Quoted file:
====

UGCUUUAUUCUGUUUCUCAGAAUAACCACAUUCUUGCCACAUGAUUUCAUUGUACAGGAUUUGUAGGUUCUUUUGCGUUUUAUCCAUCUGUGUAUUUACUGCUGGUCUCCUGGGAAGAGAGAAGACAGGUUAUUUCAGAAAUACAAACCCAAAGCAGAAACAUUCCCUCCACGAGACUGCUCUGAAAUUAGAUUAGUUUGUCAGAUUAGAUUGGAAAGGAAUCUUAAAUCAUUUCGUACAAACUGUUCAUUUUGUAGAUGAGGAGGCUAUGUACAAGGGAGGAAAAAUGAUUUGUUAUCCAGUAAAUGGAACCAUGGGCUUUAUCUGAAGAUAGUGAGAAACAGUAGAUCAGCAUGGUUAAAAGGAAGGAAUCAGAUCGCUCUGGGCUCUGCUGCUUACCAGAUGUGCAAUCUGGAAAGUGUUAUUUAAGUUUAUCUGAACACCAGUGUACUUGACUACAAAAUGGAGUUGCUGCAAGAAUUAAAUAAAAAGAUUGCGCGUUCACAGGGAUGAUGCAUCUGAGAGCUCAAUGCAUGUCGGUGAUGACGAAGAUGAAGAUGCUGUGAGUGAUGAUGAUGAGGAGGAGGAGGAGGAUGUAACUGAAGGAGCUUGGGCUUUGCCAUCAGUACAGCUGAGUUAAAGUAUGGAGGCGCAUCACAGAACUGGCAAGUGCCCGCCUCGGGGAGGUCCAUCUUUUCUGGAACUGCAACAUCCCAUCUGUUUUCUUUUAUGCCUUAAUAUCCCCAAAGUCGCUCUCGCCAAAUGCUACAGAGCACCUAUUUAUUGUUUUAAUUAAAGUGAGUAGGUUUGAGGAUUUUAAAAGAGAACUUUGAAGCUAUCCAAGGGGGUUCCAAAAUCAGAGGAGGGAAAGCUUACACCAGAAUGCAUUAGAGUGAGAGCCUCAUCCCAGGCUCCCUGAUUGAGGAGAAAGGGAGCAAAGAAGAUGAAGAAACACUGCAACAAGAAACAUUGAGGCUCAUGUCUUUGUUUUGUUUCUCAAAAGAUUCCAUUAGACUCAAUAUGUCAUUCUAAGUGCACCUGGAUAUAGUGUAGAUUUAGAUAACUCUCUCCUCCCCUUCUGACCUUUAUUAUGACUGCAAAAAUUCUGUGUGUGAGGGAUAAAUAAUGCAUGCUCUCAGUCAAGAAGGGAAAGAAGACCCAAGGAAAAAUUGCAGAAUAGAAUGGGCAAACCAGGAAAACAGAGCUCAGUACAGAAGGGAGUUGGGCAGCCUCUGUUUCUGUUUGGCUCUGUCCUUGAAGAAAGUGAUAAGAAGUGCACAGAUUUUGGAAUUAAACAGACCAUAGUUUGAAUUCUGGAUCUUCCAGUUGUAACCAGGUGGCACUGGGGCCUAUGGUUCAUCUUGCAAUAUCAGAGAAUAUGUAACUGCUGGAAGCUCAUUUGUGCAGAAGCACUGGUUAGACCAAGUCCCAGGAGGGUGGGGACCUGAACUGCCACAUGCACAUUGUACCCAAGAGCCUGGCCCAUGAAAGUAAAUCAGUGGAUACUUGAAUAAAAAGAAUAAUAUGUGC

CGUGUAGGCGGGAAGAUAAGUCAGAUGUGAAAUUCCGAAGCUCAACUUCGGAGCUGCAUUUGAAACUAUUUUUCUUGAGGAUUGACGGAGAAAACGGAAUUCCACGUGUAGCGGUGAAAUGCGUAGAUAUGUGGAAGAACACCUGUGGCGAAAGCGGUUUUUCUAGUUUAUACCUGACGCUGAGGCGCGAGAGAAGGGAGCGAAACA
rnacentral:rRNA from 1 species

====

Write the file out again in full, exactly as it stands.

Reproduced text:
UGCUUUAUUCUGUUUCUCAGAAUAACCACAUUCUUGCCACAUGAUUUCAUUGUACAGGAUUUGUAGGUUCUUUUGCGUUUUAUCCAUCUGUGUAUUUACUGCUGGUCUCCUGGGAAGAGAGAAGACAGGUUAUUUCAGAAAUACAAACCCAAAGCAGAAACAUUCCCUCCACGAGACUGCUCUGAAAUUAGAUUAGUUUGUCAGAUUAGAUUGGAAAGGAAUCUUAAAUCAUUUCGUACAAACUGUUCAUUUUGUAGAUGAGGAGGCUAUGUACAAGGGAGGAAAAAUGAUUUGUUAUCCAGUAAAUGGAACCAUGGGCUUUAUCUGAAGAUAGUGAGAAACAGUAGAUCAGCAUGGUUAAAAGGAAGGAAUCAGAUCGCUCUGGGCUCUGCUGCUUACCAGAUGUGCAAUCUGGAAAGUGUUAUUUAAGUUUAUCUGAACACCAGUGUACUUGACUACAAAAUGGAGUUGCUGCAAGAAUUAAAUAAAAAGAUUGCGCGUUCACAGGGAUGAUGCAUCUGAGAGCUCAAUGCAUGUCGGUGAUGACGAAGAUGAAGAUGCUGUGAGUGAUGAUGAUGAGGAGGAGGAGGAGGAUGUAACUGAAGGAGCUUGGGCUUUGCCAUCAGUACAGCUGAGUUAAAGUAUGGAGGCGCAUCACAGAACUGGCAAGUGCCCGCCUCGGGGAGGUCCAUCUUUUCUGGAACUGCAACAUCCCAUCUGUUUUCUUUUAUGCCUUAAUAUCCCCAAAGUCGCUCUCGCCAAAUGCUACAGAGCACCUAUUUAUUGUUUUAAUUAAAGUGAGUAGGUUUGAGGAUUUUAAAAGAGAACUUUGAAGCUAUCCAAGGGGGUUCCAAAAUCAGAGGAGGGAAAGCUUACACCAGAAUGCAUUAGAGUGAGAGCCUCAUCCCAGGCUCCCUGAUUGAGGAGAAAGGGAGCAAAGAAGAUGAAGAAACACUGCAACAAGAAACAUUGAGGCUCAUGUCUUUGUUUUGUUUCUCAAAAGAUUCCAUUAGACUCAAUAUGUCAUUCUAAGUGCACCUGGAUAUAGUGUAGAUUUAGAUAACUCUCUCCUCCCCUUCUGACCUUUAUUAUGACUGCAAAAAUUCUGUGUGUGAGGGAUAAAUAAUGCAUGCUCUCAGUCAAGAAGGGAAAGAAGACCCAAGGAAAAAUUGCAGAAUAGAAUGGGCAAACCAGGAAAACAGAGCUCAGUACAGAAGGGAGUUGGGCAGCCUCUGUUUCUGUUUGGCUCUGUCCUUGAAGAAAGUGAUAAGAAGUGCACAGAUUUUGGAAUUAAACAGACCAUAGUUUGAAUUCUGGAUCUUCCAGUUGUAACCAGGUGGCACUGGGGCCUAUGGUUCAUCUUGCAAUAUCAGAGAAUAUGUAACUGCUGGAAGCUCAUUUGUGCAGAAGCACUGGUUAGACCAAGUCCCAGGAGGGUGGGGACCUGAACUGCCACAUGCACAUUGUACCCAAGAGCCUGGCCCAUGAAAGUAAAUCAGUGGAUACUUGAAUAAAAAGAAUAAUAUGUGC

CGUGUAGGCGGGAAGAUAAGUCAGAUGUGAAAUUCCGAAGCUCAACUUCGGAGCUGCAUUUGAAACUAUUUUUCUUGAGGAUUGACGGAGAAAACGGAAUUCCACGUGUAGCGGUGAAAUGCGUAGAUAUGUGGAAGAACACCUGUGGCGAAAGCGGUUUUUCUAGUUUAUACCUGACGCUGAGGCGCGAGAGAAGGGAGCGAAACA
rnacentral:rRNA from 1 species